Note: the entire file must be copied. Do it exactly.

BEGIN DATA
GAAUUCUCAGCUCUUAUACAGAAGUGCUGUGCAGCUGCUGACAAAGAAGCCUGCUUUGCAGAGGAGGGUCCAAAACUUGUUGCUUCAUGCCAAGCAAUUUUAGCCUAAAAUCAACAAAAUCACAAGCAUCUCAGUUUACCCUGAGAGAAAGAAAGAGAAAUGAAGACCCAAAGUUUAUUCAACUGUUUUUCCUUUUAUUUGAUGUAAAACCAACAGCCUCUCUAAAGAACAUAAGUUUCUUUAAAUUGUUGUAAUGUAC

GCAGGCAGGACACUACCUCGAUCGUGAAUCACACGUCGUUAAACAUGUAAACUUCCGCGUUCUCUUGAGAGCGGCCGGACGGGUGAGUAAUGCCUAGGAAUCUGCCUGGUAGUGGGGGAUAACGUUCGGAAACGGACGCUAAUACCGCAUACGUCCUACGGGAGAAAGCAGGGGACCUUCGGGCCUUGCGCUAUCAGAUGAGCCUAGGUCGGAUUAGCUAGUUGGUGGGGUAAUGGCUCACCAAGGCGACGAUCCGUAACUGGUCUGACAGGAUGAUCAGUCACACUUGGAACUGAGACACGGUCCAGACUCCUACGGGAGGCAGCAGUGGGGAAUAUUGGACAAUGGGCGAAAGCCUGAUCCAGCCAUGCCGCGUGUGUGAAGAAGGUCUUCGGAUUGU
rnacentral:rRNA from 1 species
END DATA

GAAUUCUCAGCUCUUAUACAGAAGUGCUGUGCAGCUGCUGACAAAGAAGCCUGCUUUGCAGAGGAGGGUCCAAAACUUGUUGCUUCAUGCCAAGCAAUUUUAGCCUAAAAUCAACAAAAUCACAAGCAUCUCAGUUUACCCUGAGAGAAAGAAAGAGAAAUGAAGACCCAAAGUUUAUUCAACUGUUUUUCCUUUUAUUUGAUGUAAAACCAACAGCCUCUCUAAAGAACAUAAGUUUCUUUAAAUUGUUGUAAUGUAC

GCAGGCAGGACACUACCUCGAUCGUGAAUCACACGUCGUUAAACAUGUAAACUUCCGCGUUCUCUUGAGAGCGGCCGGACGGGUGAGUAAUGCCUAGGAAUCUGCCUGGUAGUGGGGGAUAACGUUCGGAAACGGACGCUAAUACCGCAUACGUCCUACGGGAGAAAGCAGGGGACCUUCGGGCCUUGCGCUAUCAGAUGAGCCUAGGUCGGAUUAGCUAGUUGGUGGGGUAAUGGCUCACCAAGGCGACGAUCCGUAACUGGUCUGACAGGAUGAUCAGUCACACUUGGAACUGAGACACGGUCCAGACUCCUACGGGAGGCAGCAGUGGGGAAUAUUGGACAAUGGGCGAAAGCCUGAUCCAGCCAUGCCGCGUGUGUGAAGAAGGUCUUCGGAUUGU
rnacentral:rRNA from 1 species